“Well, I've been called a bigot before,” Don Yelton said in interview
(Update: In an interview with TheWrap, Yelton says he's been scapegoated, but stands by his comments.)
A North Carolina Republican precinct chairman has stepped down after members of his party called for his resignation following a “Daily Show” interview in which he derided “lazy blacks.”
Don Yelton, formerly of the Buncombe County Republican Party in North Carolina, made the comments while defending his state's voter-fraud law, which critics say amounts to voter suppression to keep African-American voters from the polls.
Also read: Republican Dropped Over ‘Daily Show’ Comments Says He's Been Scapegoated, Uses N-Word Again
Yelton insisted during the interview that the law had nothing to do with race. But the show edited together a series of comments in which he volunteered that he once posted an image of President Obama as a witch doctor and used the N-word while complaining that it's OK for black people but not white people to use it.
At one point correspondent Aasif Mandvi asked him, “You know that we can hear you, right?”
Yelton said the fraud law might hurt college students too lazy to wake up to get photo IDs, some white people or “a bunch of lazy blacks that wants the government to give them everything.”
Buncombe Republican Party Chairman Henry Mitchell told the News & Observer that Yelton resigned Thursday at his request.
“On behalf of the Buncombe County Republican Party we would like to express our sincerest regrets and disappointment in the comments made by Don Yelton on the Wednesday edition of Jon Stewart‘s ‘The Daily Show,'” Mitchell said in a statement. “Mr. Yelton's comments are offensive, uniformed and unacceptable of any member within the Republican Party. In no way are his comments representative of the local or state Republican Party.”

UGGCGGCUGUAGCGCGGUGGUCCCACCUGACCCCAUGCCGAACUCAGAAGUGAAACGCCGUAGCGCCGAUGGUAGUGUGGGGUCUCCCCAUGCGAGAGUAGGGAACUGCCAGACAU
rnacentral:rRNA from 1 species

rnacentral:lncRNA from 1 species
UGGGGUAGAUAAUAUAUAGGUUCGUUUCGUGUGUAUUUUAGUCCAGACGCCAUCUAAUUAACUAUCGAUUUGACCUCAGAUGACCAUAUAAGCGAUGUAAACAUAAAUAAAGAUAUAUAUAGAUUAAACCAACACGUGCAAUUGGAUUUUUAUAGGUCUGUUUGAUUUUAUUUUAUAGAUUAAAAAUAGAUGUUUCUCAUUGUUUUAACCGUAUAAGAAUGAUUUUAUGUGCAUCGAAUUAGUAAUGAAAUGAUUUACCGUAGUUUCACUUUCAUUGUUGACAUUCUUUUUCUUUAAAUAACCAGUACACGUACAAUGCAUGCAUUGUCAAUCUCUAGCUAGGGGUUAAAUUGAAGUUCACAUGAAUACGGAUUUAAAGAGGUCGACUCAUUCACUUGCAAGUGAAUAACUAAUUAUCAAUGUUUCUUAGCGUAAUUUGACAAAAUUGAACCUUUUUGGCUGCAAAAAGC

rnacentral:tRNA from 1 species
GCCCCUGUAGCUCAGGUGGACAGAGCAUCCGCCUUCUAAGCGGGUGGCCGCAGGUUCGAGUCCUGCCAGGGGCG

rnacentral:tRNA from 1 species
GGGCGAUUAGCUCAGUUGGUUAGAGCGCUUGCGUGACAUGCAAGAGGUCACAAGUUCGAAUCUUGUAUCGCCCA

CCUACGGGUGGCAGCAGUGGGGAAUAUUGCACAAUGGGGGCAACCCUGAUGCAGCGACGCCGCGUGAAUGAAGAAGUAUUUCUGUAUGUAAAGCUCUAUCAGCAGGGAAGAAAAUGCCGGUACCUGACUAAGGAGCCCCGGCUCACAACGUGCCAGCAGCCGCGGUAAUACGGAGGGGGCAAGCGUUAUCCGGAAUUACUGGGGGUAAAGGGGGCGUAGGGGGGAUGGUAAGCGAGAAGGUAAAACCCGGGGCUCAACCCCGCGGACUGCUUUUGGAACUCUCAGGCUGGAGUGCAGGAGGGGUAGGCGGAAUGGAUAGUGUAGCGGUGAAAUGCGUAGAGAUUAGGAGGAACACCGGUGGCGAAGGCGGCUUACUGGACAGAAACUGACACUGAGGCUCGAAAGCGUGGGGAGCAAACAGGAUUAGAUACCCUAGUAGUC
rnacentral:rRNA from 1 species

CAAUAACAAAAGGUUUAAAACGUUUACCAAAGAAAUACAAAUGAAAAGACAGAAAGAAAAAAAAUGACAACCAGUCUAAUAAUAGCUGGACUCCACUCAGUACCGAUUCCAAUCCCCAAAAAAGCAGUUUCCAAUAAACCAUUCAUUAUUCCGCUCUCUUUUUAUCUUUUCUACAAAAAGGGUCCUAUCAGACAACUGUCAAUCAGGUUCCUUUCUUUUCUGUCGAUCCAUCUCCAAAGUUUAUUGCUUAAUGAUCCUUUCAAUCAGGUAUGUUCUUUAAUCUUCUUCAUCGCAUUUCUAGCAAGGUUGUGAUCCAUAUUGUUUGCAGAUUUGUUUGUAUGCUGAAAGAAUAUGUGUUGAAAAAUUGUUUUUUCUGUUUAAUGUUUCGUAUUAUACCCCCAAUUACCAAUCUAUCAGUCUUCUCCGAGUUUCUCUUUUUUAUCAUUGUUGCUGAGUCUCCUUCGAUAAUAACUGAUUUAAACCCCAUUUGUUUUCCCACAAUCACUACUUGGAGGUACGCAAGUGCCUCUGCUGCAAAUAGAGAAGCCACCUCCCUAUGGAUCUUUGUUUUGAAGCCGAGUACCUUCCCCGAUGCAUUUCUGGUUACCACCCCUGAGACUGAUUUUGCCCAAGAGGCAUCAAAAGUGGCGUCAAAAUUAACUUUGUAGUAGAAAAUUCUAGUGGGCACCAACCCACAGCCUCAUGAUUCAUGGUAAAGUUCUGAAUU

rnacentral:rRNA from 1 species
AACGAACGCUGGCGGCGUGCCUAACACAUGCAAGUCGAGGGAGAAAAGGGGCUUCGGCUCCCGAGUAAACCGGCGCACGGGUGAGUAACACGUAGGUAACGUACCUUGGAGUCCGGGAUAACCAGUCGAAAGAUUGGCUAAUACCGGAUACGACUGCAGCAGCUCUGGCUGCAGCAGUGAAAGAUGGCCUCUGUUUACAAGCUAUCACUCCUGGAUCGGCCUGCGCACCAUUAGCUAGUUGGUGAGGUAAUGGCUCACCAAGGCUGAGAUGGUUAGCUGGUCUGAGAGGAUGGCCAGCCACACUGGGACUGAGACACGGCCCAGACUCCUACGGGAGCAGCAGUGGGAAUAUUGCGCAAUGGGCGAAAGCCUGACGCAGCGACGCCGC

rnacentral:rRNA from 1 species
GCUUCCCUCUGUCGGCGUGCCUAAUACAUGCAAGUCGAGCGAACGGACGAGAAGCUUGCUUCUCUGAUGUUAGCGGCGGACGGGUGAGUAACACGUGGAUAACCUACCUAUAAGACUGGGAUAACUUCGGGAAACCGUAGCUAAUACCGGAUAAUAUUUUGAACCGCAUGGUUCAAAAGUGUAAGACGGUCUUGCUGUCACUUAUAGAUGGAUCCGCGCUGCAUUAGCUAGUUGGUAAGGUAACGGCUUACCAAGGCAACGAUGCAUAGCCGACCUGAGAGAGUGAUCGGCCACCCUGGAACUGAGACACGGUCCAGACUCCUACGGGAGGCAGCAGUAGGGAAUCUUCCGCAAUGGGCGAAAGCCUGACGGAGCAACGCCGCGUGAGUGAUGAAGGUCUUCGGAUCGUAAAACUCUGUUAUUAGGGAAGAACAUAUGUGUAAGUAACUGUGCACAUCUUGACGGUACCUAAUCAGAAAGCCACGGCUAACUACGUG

“Let me make it very clear, Mr. Yelton's comments do not reflect the belief or feelings of Buncombe Republicans, nor do they mirror any core principle that our party is founded upon. This mentality will not be supported or propagated within our party,” Mitchell added.
Yelton told Mandvi during the interview, “Well, I've been called a bigot before,” but he said he hadn't treated Mandvi any differently than he would anyone else, even though Mandvi was of a different race.
In an interview with TheWrap after this story was initially published, Yelton stood by his comments and said local Republicans should have used them as proof that they accept all viewpoints.
“They can turn it into a positive if they want to,” he said. “The party does not try to control the speech of individuals. That's the point they could have made. You have to let people have an opinion.”
He also used the N-word again, while repeating his complaint about whites not being allowed to use it.
The county party did not respond to requests for comment from TheWrap on Friday.
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